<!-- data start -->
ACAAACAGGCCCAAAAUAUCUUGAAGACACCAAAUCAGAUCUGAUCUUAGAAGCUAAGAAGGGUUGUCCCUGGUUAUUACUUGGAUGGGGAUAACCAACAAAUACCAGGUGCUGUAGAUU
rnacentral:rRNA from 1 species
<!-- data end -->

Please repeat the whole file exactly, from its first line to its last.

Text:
ACAAACAGGCCCAAAAUAUCUUGAAGACACCAAAUCAGAUCUGAUCUUAGAAGCUAAGAAGGGUUGUCCCUGGUUAUUACUUGGAUGGGGAUAACCAACAAAUACCAGGUGCUGUAGAUU
rnacentral:rRNA from 1 species